Native American history showcase at ECHO exhibit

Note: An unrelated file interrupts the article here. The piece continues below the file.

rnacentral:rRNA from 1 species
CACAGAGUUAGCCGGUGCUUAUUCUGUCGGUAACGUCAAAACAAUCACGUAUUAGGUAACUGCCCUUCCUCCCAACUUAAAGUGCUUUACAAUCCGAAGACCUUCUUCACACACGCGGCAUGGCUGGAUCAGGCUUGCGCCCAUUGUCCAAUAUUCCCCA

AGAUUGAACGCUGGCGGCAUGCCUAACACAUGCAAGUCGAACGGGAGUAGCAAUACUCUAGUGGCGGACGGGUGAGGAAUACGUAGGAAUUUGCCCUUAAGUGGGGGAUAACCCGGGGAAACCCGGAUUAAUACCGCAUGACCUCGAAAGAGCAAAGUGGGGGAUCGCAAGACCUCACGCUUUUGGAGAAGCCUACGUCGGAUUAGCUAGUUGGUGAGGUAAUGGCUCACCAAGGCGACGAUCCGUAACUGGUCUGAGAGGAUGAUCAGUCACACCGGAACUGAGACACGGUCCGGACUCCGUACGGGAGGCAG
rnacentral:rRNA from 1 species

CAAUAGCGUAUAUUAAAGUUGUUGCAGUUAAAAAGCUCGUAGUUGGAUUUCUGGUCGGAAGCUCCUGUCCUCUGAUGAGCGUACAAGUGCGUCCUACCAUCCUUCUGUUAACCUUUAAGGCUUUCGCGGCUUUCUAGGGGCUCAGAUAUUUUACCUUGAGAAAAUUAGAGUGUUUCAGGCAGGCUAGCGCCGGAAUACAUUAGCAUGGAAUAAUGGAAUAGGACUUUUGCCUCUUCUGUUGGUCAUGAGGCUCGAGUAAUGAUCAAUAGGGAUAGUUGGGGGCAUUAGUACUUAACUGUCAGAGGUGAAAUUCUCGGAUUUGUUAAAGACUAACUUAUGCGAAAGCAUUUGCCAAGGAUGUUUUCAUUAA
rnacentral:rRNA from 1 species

As of Feb. 14, the muskellunge and long-nose gar will learn to share their domain with the latest exhibit in the ECHO Center aquarium. “Indigenous Expressions: Native Peoples of the Lake Champlain Basin,” opened this past Saturday evening as a part of the yearlong Lake Champlain Quadricentennial. The project, a collaboration between the Echo Center, the Smithsonian Institute, archaeologist and anthropologist Stephen Loring and Abenaki historian and Johnson State College professor Frederick Wiseman, offers a window into the 11,000-year history of human activity in the region. In the opening ceremonies Saturday evening, Gov. Jim Douglas, ECHO officials, Burlington mayor Bob Kiss, and members of the Abenaki nations offered their thoughts on the event and the Quadricentennial. “When I get up every morning and see the lake, I appreciate it,” Kiss said. “It really does, I think, address something very basic about being here in Vermont.”Local Elnu Abenaki chief Roger Longtoe Sheehan led a calling of the spirits, two songs once used to facilitate communication between different tribes. A birch-bark canoe replica sat on the second floor at the top of the stairs, with placards outlining the materials used, manufacturing methods and historic use of the craft. Quick to build and light to portage, this canoe was indispensable to the Abenaki, and early European explorers. Also positioned around the circular second floor were genuine and replica artifacts, explanations of resource use, each representing a facet of a lifestyle that relied on a close connection with the land.”These cultures thrived because they used resources in a sustainable way,” ECHO Education Director Tracy Truzansky, said. Sitting on the table in front of her were a variety of Abenaki cookware and weapons. A bola, made of pieces of antler attached to a leather string, was used to hunt ducks; hunters would twirl the device above their heads and release it at just the right moment. A live American eel was also on display, along with basket traps woven with ash strips used to trap the animal. Spawning in the Atlantic and migrating up freshwater rivers to mature, the eel was an important food source for native peoples in the Lake Champlain Basin. Downstairs, a portrait room depicts the stories of contemporary Abenaki and Mohawk peoples. The essence of the exhibit was perhaps best characterized by the words next to the portrait of Abenaki leader Dee Bright Star-words especially pertinent today, with rising interest in sustainable living: “For if I am to be … accept me for what I am, one with the Earth.”